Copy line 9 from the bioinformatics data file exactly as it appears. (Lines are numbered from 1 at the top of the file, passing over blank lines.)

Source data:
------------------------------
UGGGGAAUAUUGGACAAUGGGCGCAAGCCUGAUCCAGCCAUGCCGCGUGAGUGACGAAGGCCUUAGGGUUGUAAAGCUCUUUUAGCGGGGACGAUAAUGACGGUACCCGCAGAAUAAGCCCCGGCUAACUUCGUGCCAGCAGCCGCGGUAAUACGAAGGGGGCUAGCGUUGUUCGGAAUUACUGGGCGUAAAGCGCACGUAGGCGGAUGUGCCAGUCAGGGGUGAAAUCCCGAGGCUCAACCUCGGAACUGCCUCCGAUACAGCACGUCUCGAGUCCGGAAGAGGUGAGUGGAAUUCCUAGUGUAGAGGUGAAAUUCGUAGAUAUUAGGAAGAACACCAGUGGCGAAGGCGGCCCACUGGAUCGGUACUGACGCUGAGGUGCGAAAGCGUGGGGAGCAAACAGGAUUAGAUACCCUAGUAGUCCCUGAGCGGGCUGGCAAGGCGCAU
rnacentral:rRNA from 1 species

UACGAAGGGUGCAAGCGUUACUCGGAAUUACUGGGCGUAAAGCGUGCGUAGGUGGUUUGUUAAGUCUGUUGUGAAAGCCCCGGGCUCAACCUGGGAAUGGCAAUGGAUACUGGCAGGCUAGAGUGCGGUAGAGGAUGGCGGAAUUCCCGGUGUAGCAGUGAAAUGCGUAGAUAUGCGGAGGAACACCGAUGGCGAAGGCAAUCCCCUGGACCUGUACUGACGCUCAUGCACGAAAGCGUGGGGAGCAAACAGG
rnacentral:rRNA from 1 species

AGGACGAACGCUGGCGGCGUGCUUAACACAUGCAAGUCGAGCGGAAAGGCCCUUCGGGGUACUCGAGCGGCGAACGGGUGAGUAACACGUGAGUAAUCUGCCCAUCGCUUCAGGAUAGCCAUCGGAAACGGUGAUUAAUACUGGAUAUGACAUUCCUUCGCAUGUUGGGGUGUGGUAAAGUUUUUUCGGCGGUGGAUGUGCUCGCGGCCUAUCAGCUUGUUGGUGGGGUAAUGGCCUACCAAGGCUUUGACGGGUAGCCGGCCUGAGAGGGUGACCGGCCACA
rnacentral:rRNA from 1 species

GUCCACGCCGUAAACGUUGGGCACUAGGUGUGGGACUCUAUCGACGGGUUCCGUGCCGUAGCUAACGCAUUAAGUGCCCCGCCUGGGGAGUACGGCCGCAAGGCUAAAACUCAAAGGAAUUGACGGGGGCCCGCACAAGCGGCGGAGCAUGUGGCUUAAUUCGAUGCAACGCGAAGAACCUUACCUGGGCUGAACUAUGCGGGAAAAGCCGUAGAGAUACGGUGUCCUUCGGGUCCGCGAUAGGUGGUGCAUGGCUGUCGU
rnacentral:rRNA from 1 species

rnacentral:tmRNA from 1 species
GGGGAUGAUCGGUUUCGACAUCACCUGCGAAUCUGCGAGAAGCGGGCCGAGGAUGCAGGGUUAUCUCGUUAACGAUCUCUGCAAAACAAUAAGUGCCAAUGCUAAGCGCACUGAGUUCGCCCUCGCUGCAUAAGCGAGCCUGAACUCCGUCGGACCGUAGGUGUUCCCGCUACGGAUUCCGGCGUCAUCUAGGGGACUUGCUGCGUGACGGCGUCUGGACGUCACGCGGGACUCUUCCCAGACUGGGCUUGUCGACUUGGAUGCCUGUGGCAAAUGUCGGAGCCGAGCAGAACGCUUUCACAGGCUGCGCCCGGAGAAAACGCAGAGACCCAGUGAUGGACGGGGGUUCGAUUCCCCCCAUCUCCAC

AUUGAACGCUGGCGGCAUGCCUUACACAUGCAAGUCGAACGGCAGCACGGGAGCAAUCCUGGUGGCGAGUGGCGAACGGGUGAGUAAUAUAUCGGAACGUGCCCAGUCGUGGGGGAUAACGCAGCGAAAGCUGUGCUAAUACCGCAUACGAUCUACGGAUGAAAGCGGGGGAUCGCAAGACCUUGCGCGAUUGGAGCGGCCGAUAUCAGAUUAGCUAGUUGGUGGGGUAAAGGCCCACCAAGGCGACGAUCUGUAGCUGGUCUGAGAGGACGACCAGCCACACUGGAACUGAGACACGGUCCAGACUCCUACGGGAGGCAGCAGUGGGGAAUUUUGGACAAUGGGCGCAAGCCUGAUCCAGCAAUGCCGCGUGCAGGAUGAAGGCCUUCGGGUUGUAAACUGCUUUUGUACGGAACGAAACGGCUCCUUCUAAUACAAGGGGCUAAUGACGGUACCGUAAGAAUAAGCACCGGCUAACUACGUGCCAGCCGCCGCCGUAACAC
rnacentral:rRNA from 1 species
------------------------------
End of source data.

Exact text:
rnacentral:tmRNA from 1 species